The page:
Total salaries and benefits for employees accounted for the lion’s share of the expenses at $7.2 million.
Teachers’ salaries and benefits cost about $5.4 million. A district superintendent and a principal for each campus cost $410,000, while maintenance and custodial workers cost about $363,000.
Beginning with teacher compensation:
Including salary and expenses, six kindergarten teachers were paid a total of $487,000; seven first grade teachers were paid a total of $641,000; and seven second grade teachers were paid a total of 553,000.
Five third grade teachers and one half-time teacher were paid a total of $457,000.
(The salaries of individual teachers vary in part because some have achieved “step” and “column” increases based on years of service and a higher level of ongoing training and education.)
In addition to regular state funding, the school district received an additional $400,000 from the community fundraisers, and $475,000 from a special state fund, to help cover kindergarten-through-third grade instruction.
The extra state money subsidized some teacher salaries to keep class sizes smaller in the early grades. The district used to maintain 20-student classes in kindergarten through third grade, but bumped the number up to 25 as the class-size subsidies have been reduced by the state.
Core and more
Four fulltime teachers and one halftime teacher were paid a total of $427,000 to teach fourth grade. Five fifth-grade teachers made a total of $466,000.
Teachers of “support programs” for kindergarten through fifth grade cost the district a total of $220,000 in salary and expenses.
A teacher of third-through-fifth grade science – a veteran teacher at the top of the step and column scale – was paid $98,000.
Her salary was paid by the community’s private fundraising.
“People say we should cut things like three to five science,” Burns said. “We’ve already done that, it’s gone. The fundraising pays for that. If they don’t write a check they don’t get that program.”
A teacher for first-through-fifth grade physical education made $85,000, half of which was covered by community fundraising and a grant from the Beach Cities Health district.
A halftime reading specialist for Hermosa View School, which has students in kindergarten through second grade, was paid $37,000.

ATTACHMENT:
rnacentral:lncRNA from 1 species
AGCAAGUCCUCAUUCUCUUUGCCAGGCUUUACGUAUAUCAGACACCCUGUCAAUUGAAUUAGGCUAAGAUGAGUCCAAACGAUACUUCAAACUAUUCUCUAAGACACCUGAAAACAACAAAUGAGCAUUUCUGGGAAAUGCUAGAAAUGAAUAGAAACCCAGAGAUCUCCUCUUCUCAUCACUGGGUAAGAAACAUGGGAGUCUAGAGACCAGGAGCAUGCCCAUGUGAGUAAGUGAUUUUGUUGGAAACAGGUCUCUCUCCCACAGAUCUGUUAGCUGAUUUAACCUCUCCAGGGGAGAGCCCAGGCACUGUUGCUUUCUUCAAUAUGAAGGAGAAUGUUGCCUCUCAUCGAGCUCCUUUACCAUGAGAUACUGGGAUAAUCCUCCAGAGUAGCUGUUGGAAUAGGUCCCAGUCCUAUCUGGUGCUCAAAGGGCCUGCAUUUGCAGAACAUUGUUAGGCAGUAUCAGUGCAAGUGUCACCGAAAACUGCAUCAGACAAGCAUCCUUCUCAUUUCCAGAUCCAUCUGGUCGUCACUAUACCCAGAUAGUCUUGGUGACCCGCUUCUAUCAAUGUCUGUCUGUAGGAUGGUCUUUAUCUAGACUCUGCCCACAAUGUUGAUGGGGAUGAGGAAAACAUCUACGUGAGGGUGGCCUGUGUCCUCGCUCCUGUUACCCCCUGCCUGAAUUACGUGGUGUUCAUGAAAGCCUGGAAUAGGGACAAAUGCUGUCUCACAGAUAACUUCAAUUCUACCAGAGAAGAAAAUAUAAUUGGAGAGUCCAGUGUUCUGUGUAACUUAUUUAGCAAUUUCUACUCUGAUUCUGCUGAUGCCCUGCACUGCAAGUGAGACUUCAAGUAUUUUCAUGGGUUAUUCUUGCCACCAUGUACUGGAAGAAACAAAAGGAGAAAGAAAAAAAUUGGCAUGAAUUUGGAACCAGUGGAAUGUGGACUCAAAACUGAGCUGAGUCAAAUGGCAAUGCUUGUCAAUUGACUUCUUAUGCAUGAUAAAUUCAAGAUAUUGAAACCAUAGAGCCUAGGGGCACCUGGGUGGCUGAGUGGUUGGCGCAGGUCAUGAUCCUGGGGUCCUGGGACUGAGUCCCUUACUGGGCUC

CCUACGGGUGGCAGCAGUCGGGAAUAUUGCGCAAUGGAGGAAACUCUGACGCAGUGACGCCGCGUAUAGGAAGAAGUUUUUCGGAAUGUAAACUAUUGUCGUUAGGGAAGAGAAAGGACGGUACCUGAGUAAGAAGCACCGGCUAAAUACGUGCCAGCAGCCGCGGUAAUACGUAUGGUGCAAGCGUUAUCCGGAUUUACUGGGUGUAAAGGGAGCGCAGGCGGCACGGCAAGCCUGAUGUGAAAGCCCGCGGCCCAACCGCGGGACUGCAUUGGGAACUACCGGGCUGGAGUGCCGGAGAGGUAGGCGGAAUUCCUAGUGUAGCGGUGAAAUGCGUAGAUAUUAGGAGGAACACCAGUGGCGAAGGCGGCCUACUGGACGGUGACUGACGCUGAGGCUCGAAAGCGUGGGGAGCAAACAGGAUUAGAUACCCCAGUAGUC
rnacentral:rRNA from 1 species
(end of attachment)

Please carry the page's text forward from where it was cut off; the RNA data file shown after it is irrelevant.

The support programs were propped up with $93,000 from the community fundraisers, $44,000 from the Beach Cities Health District and $5,000 from Chevron and other entities.
Twelve teachers of core programs for grades six through eight – language arts, social science, math, PE and science – were paid a total of about $1 million.
Two fulltime teachers and one halftime teacher of sixth-through-eighth grade electives – art, speech, Spanish, technology, multimedia and computer skills – were paid a total of $177,000.
The community fundraisers came up with the majority of the money — $107,000 – to pay for the elective programs.
Among other employees who are certificated to teach, the principals of the two schools were paid a total of $250,000.
Substitute teachers for the schools were paid a total of about $100,000, and the district’s technology director made $124,000.
The head of the special education program made $92,000.
One nearly fulltime special education aide was paid about $62,000 at View School, and two fulltime special education aides were paid a total of about $142,000 at Hermosa Valley School, which has second-through-eighth graders.
Among non-certificated employees, three View School “inclusion aides,” who help special education students take part in the schools’ main streams of instruction, were paid a total of about $125,000.
Six inclusion aides at Valley School were paid a total of about $187,000.
Substitute aides were paid $10,000, and a special education learning center cost $20,000.
A fulltime occupational therapist, helping special education students with their physical skills, was paid a total of almost $85,000.
One quarter-time aide, for teachers whose salaries are partially subsidized by class-size reduction funding, was paid $3,300. Another quarter-time aide, for disadvantaged students, was paid $9,000.